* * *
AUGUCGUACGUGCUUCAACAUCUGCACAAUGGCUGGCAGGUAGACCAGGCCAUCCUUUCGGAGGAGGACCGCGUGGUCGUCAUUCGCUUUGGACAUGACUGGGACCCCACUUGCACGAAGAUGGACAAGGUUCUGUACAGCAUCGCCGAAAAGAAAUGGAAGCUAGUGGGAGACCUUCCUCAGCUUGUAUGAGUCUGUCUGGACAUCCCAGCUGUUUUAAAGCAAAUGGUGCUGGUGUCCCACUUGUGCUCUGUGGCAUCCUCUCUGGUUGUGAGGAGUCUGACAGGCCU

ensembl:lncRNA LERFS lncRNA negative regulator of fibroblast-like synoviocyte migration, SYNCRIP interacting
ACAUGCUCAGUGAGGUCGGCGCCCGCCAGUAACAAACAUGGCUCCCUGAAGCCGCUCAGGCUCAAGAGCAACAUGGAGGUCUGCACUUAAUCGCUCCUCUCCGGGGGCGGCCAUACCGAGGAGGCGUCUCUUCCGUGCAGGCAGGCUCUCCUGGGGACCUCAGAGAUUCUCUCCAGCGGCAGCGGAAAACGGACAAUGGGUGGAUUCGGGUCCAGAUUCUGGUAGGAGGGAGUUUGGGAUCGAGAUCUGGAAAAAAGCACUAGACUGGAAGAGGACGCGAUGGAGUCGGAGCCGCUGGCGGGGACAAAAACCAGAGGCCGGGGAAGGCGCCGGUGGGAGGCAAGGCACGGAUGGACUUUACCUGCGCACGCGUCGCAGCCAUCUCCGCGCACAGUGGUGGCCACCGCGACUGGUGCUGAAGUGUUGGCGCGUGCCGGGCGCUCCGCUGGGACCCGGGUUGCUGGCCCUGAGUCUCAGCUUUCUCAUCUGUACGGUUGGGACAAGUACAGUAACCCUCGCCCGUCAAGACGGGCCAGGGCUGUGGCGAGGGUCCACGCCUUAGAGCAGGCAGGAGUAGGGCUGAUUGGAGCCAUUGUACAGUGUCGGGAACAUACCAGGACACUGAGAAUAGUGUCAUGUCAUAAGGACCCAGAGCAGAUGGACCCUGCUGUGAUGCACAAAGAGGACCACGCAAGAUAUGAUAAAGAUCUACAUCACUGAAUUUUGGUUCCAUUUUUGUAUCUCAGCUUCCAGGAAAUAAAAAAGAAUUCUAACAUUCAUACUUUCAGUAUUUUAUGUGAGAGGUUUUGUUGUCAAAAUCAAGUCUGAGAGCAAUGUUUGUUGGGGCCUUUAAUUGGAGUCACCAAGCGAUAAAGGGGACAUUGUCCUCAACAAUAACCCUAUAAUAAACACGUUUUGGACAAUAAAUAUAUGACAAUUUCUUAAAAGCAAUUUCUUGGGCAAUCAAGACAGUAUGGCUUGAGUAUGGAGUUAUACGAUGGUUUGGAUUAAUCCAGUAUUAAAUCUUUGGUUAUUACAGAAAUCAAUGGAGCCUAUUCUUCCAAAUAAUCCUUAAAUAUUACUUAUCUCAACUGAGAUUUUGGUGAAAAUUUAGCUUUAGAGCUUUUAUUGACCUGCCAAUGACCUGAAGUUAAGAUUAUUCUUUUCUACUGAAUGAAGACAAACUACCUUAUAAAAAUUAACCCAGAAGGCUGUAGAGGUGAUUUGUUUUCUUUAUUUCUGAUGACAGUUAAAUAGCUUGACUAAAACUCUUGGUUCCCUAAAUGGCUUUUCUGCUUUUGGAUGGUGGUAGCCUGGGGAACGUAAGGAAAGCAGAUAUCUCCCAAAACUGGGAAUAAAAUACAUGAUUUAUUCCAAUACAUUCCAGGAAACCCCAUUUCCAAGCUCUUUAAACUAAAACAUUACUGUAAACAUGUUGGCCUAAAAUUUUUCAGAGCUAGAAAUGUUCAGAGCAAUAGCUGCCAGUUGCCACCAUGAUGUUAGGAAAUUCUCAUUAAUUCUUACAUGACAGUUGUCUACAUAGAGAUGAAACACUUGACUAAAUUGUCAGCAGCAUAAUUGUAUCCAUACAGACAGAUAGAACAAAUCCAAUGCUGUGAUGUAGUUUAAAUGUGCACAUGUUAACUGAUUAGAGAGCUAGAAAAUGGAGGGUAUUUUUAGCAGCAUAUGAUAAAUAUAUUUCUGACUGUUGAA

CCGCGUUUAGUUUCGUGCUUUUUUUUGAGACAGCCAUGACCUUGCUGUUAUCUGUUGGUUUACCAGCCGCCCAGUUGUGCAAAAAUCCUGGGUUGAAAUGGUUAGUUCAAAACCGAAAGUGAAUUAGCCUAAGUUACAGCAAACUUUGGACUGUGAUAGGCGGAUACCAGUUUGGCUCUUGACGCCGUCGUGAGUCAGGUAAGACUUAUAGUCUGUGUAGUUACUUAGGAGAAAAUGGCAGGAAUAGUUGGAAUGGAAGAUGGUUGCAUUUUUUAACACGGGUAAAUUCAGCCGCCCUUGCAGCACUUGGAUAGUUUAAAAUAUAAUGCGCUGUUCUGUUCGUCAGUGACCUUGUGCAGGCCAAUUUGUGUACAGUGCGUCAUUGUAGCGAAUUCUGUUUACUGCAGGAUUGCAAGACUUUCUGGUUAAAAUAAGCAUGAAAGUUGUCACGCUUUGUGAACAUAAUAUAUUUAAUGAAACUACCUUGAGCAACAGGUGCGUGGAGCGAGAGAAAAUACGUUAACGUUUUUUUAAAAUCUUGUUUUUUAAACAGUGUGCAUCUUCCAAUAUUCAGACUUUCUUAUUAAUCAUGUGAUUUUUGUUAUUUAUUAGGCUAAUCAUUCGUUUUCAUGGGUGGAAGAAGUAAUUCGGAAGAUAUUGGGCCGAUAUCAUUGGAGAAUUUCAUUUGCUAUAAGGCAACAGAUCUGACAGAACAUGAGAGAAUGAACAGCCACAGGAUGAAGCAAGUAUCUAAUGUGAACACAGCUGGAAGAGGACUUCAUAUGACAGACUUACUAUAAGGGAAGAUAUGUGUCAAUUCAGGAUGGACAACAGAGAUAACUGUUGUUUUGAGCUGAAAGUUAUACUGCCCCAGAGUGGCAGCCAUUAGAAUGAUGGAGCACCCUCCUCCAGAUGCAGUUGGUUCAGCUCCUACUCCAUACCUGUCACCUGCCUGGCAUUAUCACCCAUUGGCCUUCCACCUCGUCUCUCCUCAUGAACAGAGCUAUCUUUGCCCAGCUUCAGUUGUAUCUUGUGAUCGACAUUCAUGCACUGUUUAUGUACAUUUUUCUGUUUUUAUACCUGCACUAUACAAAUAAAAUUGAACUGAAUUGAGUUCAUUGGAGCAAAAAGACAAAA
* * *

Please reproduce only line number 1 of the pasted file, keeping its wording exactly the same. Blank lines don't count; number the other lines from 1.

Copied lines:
AUGUCGUACGUGCUUCAACAUCUGCACAAUGGCUGGCAGGUAGACCAGGCCAUCCUUUCGGAGGAGGACCGCGUGGUCGUCAUUCGCUUUGGACAUGACUGGGACCCCACUUGCACGAAGAUGGACAAGGUUCUGUACAGCAUCGCCGAAAAGAAAUGGAAGCUAGUGGGAGACCUUCCUCAGCUUGUAUGAGUCUGUCUGGACAUCCCAGCUGUUUUAAAGCAAAUGGUGCUGGUGUCCCACUUGUGCUCUGUGGCAUCCUCUCUGGUUGUGAGGAGUCUGACAGGCCU